Broadcast history[edit]


Pilot episode[edit]

The pilot episode, "The Informer" (played by Noam Pitlik as the German spy pretending to be an Allied prisoner), was produced in black-and-white with the opening scene depicting the show as "Germany 1942".[18] As with many pilot episodes, there are several differences from the series proper, such as Burkhalter being introduced as a colonel, instead of a general. There were many changes to Larry Hovis's character of Carter. In the pilot, he was credited as a guest star and is shown as a lieutenant, rather than a sergeant. "Lt. Carter" had recently escaped from another camp and at the end of the episode is in route to England.

Leonid Kinskey appears in the pilot episode as Vladimir Minsk, a Soviet POW who specializes in tailoring. Kinskey ultimately turned down a contract to become a permanent character. Although the intent was probably to give the series a truly international feel, it is perhaps just as well as Nazi Germany had always put Soviet POWs into separate Stalags, or at least separate compounds within a Stalag, where they were treated considerably more harshly than those of the Western Allied prisoners (the death rate among Soviet prisoners was very high, approx. 60%, while it was relatively low among Western Allied prisoners, approx. 4% – see Soviet POWs). Although Western Allied prisoners were also usually put in separate Stalags by nationality, or at least separate compounds within a Stalag, it wasn't unusual to find them mixed together (compounds were separated by barbed wire fences with no prisoner movement between each compound).

In the pilot, Col. Klink's secretary, Fräulein Helga, is actually part of Hogan's team and is a manicurist in the prisoners' underground barber shop, but it is only in the pilot episode that it is suggested her cooperation with the prisoners is all that extensive. In the actual TV series, she and her successor, Fräulein Hilda, are merely willing to look the other way, as well as provide tidbits of information and access to official papers or equipment, in exchange for a warm kiss or some other form of affectionate gesture from Hogan. Another difference is that the word "Stalag" was avoided in the pilot; it was simply referred to as "Camp 13". It is also referred to as Camp 13 in several of the first episodes, but is eventually only referred to as Stalag 13 (perhaps because American TV audiences were unfamiliar with the word Stalag at the beginning of the series).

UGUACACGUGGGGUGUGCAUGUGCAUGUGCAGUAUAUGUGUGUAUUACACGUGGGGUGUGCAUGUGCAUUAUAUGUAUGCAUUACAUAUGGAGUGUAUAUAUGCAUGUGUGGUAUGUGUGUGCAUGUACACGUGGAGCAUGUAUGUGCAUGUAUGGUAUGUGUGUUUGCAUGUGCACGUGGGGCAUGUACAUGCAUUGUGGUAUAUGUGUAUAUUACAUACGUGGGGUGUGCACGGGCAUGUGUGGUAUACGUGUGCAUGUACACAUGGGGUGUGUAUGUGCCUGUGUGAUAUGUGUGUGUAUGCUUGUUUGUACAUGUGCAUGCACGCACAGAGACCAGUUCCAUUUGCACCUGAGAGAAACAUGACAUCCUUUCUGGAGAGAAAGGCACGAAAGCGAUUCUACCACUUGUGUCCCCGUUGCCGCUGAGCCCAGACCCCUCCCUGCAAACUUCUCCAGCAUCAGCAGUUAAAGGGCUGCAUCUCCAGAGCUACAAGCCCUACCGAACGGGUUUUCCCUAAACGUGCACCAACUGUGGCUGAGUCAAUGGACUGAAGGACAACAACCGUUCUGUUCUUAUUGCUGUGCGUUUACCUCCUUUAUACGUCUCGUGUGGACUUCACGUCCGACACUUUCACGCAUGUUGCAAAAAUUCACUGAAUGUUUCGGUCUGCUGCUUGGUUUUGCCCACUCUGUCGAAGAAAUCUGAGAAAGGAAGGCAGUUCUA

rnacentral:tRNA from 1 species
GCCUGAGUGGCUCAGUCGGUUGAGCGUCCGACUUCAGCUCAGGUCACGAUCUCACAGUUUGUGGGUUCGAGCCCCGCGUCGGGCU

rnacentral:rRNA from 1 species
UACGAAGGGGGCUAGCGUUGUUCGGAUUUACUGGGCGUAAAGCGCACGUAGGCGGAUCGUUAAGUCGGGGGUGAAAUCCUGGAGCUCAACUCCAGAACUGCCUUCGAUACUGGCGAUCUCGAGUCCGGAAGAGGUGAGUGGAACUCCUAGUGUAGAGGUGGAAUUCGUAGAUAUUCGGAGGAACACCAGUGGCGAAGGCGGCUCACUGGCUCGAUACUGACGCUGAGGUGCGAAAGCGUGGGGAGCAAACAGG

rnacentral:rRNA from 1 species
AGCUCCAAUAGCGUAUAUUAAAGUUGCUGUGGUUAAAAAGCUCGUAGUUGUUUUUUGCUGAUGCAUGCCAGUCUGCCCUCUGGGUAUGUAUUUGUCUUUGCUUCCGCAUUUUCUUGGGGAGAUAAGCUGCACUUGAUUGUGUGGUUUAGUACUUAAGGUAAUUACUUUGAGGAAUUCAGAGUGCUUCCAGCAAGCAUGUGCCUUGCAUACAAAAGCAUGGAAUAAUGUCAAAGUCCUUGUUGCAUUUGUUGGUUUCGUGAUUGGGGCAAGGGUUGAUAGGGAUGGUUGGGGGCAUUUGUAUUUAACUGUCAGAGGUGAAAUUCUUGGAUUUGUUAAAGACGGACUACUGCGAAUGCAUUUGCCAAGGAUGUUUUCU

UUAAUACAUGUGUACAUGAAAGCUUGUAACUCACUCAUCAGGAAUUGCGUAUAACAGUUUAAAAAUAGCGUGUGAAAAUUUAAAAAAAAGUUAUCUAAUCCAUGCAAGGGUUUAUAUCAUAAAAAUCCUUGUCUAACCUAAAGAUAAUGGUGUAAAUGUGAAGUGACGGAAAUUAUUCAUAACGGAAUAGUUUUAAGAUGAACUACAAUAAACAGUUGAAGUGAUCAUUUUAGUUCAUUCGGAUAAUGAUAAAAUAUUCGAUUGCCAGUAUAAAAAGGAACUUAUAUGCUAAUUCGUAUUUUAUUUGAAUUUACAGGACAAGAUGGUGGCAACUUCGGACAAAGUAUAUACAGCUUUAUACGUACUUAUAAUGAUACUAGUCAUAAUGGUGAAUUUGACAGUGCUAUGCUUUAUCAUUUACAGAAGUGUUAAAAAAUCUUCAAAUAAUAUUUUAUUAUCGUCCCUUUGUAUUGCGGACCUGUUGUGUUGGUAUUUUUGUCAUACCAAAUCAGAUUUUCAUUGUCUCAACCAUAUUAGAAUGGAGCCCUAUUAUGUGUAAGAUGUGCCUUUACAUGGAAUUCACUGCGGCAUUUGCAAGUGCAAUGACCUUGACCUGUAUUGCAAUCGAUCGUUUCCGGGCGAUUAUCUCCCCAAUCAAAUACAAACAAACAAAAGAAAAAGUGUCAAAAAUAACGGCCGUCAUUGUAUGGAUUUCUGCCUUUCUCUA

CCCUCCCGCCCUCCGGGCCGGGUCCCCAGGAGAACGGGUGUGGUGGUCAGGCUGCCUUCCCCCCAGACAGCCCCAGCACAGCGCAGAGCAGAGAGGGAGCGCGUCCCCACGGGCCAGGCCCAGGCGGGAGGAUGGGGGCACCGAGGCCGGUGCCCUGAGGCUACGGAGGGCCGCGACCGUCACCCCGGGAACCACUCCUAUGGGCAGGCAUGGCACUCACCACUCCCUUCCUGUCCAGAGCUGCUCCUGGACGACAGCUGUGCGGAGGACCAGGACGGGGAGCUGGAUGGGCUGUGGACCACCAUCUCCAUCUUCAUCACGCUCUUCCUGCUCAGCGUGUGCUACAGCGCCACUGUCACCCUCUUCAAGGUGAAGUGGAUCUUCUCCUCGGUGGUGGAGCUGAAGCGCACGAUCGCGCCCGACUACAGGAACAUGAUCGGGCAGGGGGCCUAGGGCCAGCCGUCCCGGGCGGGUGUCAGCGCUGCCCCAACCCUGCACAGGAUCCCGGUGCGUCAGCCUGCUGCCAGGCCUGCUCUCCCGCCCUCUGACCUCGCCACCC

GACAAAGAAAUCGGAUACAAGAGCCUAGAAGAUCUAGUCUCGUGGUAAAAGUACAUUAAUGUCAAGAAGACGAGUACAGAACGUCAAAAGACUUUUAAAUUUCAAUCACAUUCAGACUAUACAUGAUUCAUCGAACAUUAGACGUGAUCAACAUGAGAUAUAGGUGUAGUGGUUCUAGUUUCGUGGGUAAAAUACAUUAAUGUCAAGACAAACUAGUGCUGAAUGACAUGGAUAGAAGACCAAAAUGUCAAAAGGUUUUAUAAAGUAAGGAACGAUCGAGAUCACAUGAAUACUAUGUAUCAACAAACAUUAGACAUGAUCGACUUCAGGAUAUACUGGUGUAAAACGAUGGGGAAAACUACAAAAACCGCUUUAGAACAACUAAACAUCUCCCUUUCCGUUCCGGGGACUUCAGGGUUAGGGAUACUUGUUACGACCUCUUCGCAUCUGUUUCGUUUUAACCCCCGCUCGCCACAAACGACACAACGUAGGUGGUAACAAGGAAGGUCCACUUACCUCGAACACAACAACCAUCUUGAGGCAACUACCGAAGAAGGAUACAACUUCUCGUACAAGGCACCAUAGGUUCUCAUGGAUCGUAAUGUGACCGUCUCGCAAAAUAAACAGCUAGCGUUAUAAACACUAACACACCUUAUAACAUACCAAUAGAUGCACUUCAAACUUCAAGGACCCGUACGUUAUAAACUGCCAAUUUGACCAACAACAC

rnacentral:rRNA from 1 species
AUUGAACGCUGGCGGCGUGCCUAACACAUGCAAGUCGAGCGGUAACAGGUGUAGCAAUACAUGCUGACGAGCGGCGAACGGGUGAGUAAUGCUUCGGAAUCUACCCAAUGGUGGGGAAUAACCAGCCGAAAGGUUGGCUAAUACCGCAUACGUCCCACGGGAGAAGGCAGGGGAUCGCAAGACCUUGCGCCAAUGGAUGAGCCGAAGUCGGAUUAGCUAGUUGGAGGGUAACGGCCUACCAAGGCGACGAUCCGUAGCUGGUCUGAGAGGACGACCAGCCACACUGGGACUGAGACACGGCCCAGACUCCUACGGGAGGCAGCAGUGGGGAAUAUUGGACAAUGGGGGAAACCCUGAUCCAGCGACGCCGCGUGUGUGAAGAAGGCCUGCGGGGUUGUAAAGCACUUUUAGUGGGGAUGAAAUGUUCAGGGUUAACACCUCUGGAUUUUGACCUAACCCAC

The camp also appears to be bigger, with more barracks, prisoners, and guards shown than on the series itself; Klink appears to have an adjutant. Also, the tunnels used by the prisoners are more extensive, full of activities such as counterfeiting German Reichmarks, the production of gun-shaped cigarette lighters as souvenirs supposedly sold in Berlin, and a steam room and barbershop for the prisoners.

Stylistically, the look of the pilot is grittier, not only because it was filmed in black and white, but because low-angle shots are used at times for close-ups, especially of the Germans. The overall "feel" is closer to films such as Stalag 17 than the regular episodes, albeit far more comical.


Outdoor scenes were filmed on the famed 40 Acres Backlot in Culver City, California.[citation needed] The set was destroyed in 1975 in the filming of the final scene of Ilsa, She Wolf of the SS.[57]

Theme music[edit]